Changing the rules—Insolvency (Amendment) Rules 2015

With the Insolvency (Amendment) Rules 2015 having come into force from 1 October 2015, Susan Kelly of Squire Patton Boggs considers what this will mean for insolvency practitioners and the lawyers who advise them.

What are the main provisions of the Insolvency (Amendment) Rules 2015?

With the implementation of the Insolvency (Amendment) Rules 2015, SI 2015/443, IPs seeking to charge on a time costs basis in an administration, creditors’ voluntary liquidation (CVL), compulsory liquidation or bankruptcy, must provide creditors with an upfront estimate of their fees. The estimate has to be approved by creditors (including any subsequent increase in that estimate) prior to the IP being entitled to draw any funds from the insolvency. (Please see Squire Patton Boggs' earlier blog post—Tick Tock: What Fees Are On The Clock? Increased Scrutiny Of Insolvency Practitioners’ Fees In England And Wales)

The new rules also mean that the High Court will be able to transfer winding-up cases to the County Court at Central London.

Will these likely be successful in achieving their aim?

The aim of the new estimating process is to provide greater transparency for creditors and trust in the insolvency system. The provision of more detailed information upfront about what the IP will be doing and the time to be spent in doing it should hopefully achieve this. It should also enable IPs to demonstrate what they do and the value they deliver in return for their fees. In Australia, a similar (although non-legislative) regime has been working well since 2007 (through the Australian Restructuring Insolvency and Turnaround Association Code of Professional Practice and APES 330).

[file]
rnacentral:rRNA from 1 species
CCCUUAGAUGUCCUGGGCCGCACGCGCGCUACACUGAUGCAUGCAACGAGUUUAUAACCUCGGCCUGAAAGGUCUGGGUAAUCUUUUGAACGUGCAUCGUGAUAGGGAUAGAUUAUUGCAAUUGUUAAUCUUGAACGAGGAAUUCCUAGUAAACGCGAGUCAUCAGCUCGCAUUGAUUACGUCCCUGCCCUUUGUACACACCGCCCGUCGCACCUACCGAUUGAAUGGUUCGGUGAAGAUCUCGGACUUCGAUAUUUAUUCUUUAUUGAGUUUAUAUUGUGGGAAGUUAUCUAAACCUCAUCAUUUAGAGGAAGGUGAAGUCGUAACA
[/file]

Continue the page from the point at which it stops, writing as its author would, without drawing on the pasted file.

What are the most controversial elements?

It is a move away from the government’s original proposals, which were to abolish time costs altogether where there is no secured creditor or creditors’ committee. The changes will be compounded by the abolition of creditors’ meetings (unless they are requested by ten creditors or 10% of creditors in number or value). This change will be brought into force sometime in 2016. It will be more difficult for IPs to engage with creditors over such questions as fee estimates without meetings.

What are the implications of the changes for IPs?

This will mean a new way of working for IPs. Usually the amount of work an insolvency appointment will generate is unknown at the outset, especially if the pre-planning phase has (of necessity) been relatively short and there is an incomplete understanding in the early phases of the issues an IP will have to deal with during the life of a matter. There will need to be a balance therefore, in providing a reasoned and realistic estimate and providing sufficient scope for dealing with contingencies.

Are there any grey areas or could there be any unintended consequences?

IPs should also comply with the best practice guidelines set out in Statement of Insolvency Practice 9 (SIP 9). The current SIP 9 is being updated but the new version was not in place by 1 October 2015, leaving IPs in a very difficult position at the moment.

Has anything been missed out?

It would have been helpful if the new SIP 9 could have attached an approved format for IPs to use for their fee estimates to creditors so that there was an industry standard.

What should lawyers advising in this area take note of?

The IP will need to provide an indication of the anticipated expenses in each case. Lawyers advising in this area can expect to receive requests for estimates for their time costs for the work they think will be involved in a case. These estimates will be for creditors’ information only and will not need approval so there will be no need to go back to creditors if the estimates are exceeded.

Susan Kelly leads the Squire Patton Boggs restructuring and insolvency practice group in the UK and Europe.

Interviewed by Lucy Trevelyan.

The views expressed by our Legal Analysis interviewees are not necessarily those of the proprietor.

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